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Posting Number 3436 Date: 08/14/20 Return to Posting List
Vogue Magazine from 1925
This advertisement is from a Vogue magazine in 1926. The month is currently unknown. It features some Spanish Green shape 6359 stemware and a pair of 6458 candlesticks. It also shows an acid etched 6370 vase etched in Duck pattern.
The Many Dimensions of Jane Spillman
My Friend and Mentor, Jane
by Mary Cheek Mills
Jane and I had a very special relationshipwe could look each other directly in the eyeand she really liked that. You see, its a big deal when youre under five feet tall! In 1994, Jane lectured at the ACGA seminar in Hunt Valley, Maryland. It was my first glass conference, so I was a little overwhelmed. I sat with her children, who were in middle school, and she never forgot that little act of kindness. She brought it up several times through the years. She never realized how much I appreciated their company and enjoyed watching them grow up.
Through the years Jane proved to be a dear friend and supportive mentor. She often invited me to stay at her home during the Corning annual seminars. Of course, staying with Jane meant being surrounded by great books, having lively dinner discussions with guests from around the world, drinking wine, and playing with the dog. Not necessarily in that order. During one of my first trips to Corning she helped me go through invoices for Union Glass Works. Looking back, I realize that I knew so little, but Jane patiently answered all my questions, Whats a peg lamp? (I should have known.) I hung on every word she said, Ten-inch plates are very rare. Its 25 years later and Im still looking for a 10-inch plate attributable to Union Glass Works.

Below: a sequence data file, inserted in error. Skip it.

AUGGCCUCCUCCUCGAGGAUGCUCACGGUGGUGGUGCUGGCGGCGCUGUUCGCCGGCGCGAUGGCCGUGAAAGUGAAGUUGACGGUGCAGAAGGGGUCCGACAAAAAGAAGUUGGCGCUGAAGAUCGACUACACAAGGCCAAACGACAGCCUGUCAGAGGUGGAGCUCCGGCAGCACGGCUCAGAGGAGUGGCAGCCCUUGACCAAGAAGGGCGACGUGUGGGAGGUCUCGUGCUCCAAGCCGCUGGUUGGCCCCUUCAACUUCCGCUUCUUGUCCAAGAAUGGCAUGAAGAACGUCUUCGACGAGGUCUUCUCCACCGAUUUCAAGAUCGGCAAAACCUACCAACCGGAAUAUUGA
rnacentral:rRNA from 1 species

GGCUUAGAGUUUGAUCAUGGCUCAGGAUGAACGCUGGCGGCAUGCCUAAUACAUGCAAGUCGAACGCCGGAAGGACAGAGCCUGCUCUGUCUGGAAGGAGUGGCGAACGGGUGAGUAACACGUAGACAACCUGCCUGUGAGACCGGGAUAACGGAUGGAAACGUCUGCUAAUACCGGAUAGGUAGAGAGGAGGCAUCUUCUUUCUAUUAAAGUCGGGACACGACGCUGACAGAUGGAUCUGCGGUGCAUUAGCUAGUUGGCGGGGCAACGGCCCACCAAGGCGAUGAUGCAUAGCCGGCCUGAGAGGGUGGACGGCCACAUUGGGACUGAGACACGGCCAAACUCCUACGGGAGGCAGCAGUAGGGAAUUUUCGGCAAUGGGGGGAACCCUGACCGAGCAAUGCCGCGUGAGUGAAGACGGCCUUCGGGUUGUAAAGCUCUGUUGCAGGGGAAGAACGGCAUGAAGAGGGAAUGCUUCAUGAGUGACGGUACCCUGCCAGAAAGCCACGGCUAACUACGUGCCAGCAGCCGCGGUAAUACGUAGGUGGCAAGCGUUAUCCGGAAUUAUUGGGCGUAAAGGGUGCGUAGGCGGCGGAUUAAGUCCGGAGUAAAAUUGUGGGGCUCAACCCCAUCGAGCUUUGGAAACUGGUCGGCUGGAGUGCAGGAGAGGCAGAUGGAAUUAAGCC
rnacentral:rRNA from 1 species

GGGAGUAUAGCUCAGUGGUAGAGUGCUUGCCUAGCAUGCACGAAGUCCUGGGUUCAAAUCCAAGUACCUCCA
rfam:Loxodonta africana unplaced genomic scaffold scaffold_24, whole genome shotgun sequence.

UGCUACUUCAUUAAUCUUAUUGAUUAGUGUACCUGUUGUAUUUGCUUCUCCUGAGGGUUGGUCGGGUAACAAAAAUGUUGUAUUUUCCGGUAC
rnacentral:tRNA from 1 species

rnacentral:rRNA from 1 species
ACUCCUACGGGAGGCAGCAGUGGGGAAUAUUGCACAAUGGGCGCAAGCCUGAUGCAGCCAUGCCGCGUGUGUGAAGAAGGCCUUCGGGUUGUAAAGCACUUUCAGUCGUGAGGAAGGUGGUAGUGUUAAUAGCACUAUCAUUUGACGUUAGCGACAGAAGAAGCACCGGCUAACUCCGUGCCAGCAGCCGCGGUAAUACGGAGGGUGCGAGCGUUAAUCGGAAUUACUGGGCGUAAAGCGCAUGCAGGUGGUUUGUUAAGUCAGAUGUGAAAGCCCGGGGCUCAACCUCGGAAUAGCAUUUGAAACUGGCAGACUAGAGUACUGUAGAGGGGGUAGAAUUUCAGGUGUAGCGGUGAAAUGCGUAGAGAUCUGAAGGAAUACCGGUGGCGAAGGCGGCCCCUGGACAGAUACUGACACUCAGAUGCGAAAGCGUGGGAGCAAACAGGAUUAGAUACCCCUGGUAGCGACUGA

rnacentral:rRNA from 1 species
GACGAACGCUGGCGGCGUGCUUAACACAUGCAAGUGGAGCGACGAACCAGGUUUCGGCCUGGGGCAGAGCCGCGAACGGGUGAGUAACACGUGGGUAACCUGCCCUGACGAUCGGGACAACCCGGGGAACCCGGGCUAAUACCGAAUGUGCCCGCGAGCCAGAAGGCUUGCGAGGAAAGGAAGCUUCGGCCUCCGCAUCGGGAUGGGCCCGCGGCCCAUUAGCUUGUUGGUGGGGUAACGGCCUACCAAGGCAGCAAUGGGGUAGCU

I joined the education department at The Corning Museum of Glass in 2005. Jane went out of her way to include me when American glass scholars and collectors brought glass in for her opinion or to offer to the Museum. She knew I wanted to see and handle as much glass as possible. We respected each other immensely. She welcomed my opinions, but I always deferred to her as Cornings curator.
Jane often asked me to accompany her on seminars and trips. I became the unofficial driver for personal and professional excursions to see some of the great American glass collectors. We had long discussions as we explored cases of glass with Dorothy-Lee Jones and Kenneth and Sylvia Lyon, among others. We even ventured to Gary Stradlings 80th birthday party in the Adirondacks. We all shared a passion for early American glass and treasured our time together.
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